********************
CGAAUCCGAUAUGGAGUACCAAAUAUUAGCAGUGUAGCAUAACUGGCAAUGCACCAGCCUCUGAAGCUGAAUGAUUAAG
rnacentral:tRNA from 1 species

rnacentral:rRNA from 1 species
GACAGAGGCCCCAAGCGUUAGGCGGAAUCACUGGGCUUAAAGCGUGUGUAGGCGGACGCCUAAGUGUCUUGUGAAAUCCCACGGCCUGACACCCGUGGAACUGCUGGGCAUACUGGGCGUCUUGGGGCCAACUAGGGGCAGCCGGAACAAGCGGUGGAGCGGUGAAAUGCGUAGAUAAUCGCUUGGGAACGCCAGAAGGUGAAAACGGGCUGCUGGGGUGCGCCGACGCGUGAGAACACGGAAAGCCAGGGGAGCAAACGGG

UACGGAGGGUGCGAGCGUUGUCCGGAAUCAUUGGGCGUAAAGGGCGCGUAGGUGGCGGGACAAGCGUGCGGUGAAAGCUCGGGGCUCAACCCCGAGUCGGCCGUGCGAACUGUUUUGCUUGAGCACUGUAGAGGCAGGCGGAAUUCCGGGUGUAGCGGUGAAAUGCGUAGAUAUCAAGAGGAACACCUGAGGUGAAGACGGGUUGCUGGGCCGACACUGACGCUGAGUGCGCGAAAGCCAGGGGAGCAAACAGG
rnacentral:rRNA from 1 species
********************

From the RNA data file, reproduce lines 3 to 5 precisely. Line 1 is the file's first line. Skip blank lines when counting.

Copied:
rnacentral:rRNA from 1 species
GACAGAGGCCCCAAGCGUUAGGCGGAAUCACUGGGCUUAAAGCGUGUGUAGGCGGACGCCUAAGUGUCUUGUGAAAUCCCACGGCCUGACACCCGUGGAACUGCUGGGCAUACUGGGCGUCUUGGGGCCAACUAGGGGCAGCCGGAACAAGCGGUGGAGCGGUGAAAUGCGUAGAUAAUCGCUUGGGAACGCCAGAAGGUGAAAACGGGCUGCUGGGGUGCGCCGACGCGUGAGAACACGGAAAGCCAGGGGAGCAAACGGG

UACGGAGGGUGCGAGCGUUGUCCGGAAUCAUUGGGCGUAAAGGGCGCGUAGGUGGCGGGACAAGCGUGCGGUGAAAGCUCGGGGCUCAACCCCGAGUCGGCCGUGCGAACUGUUUUGCUUGAGCACUGUAGAGGCAGGCGGAAUUCCGGGUGUAGCGGUGAAAUGCGUAGAUAUCAAGAGGAACACCUGAGGUGAAGACGGGUUGCUGGGCCGACACUGACGCUGAGUGCGCGAAAGCCAGGGGAGCAAACAGG